The GST amendments will be tabled in the upcoming monsoon session of Parliament beginning 18 July
The government is likely to retrospectively amend laws governing the goods and services tax (GST) to deny transitional credit to taxpayers against cesses levied in the earlier indirect tax regime.
If it goes through with its plan, the Narendra Modi government will be going back on its promise of not making retrospective amendments to tax laws that have an adverse impact on taxpayers.
The proposed amendment to the GST law seeks to explicitly exclude cesses levied in a pre-GST regime from allowable transitional credit that can be claimed by companies. Under the transitional credit provision, companies were allowed to claim tax credit against levies such as value added tax and service tax on stock purchased before implementation of GST for a limited period.
Many companies availed the transitional credit facility seeking input tax credit also for cesses such as the Krishi Kalyan cess paid in the pre-GST regime through the TRAN-1 form.
However, the central government doesn’t want to give credit against the cesses. Mint could not ascertain the exact amount of transitional credit claimed against cesses.
It accordingly proposes to specifically amend the transitional provision in the GST law to only allow input tax credit against eligible duties and insert an explanation excluding cesses from the list of eligible duties.
The amendments will be tabled in the upcoming monsoon session of Parliament beginning 18 July.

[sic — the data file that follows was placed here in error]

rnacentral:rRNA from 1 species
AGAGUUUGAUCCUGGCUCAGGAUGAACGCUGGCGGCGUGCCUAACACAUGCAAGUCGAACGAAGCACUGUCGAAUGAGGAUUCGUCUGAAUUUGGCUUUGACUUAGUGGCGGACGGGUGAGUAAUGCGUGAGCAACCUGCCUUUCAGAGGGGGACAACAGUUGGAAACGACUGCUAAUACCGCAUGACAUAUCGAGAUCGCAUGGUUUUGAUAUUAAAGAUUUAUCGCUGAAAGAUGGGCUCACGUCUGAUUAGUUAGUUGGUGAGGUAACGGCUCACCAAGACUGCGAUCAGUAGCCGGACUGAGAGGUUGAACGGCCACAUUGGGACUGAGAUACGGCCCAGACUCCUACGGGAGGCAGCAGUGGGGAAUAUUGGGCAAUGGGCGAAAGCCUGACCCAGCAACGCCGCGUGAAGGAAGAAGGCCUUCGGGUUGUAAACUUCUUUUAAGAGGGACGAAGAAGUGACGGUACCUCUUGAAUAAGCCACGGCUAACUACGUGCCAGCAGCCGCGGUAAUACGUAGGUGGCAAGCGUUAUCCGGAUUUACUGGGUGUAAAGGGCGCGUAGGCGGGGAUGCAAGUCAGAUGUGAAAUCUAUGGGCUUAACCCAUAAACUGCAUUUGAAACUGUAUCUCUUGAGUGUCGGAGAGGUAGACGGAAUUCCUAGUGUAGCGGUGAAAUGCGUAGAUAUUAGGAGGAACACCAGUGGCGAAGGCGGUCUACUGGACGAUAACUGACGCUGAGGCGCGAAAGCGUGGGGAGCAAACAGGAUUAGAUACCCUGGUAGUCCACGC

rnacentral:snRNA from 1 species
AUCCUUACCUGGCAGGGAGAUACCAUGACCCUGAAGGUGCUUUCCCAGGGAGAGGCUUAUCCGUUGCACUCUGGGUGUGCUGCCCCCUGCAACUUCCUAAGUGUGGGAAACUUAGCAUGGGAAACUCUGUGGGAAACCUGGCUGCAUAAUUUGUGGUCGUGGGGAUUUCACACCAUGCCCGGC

“Excluding cesses from transitional credit will be the only amendment that will be retrospective as the transitional claims have already been filed through the TRAN-1 form. None of the other amendments proposed to the GST laws are retrospective,” said a government official, who did not want to be named.
Companies had claimed nearly ?65,000 crore in transitional credit by mid-September, prompting the Central Board of Indirect Taxes and Customs (CBIC) to review the claims. CBIC asked taxpayers to file revised claim forms by 27 December or face action for what they believe are exaggerated claims. It has started the process of phase-wise examination of some of the highest transitional credit claims.
CBIC also warned taxpayers not to utilize disputed transitional credit against GST liability and said that it will recover the amount with interest and penalty.
“Such an amendment will have a financial impact on the business as the tax liability will increase. Industry expected that the cesses that were creditable in the pre-GST regime will be creditable in the GST regime as well. We could see advance rulings or the companies approaching courts,” said Suresh Rohira, Partner, Grant Thornton India LLP.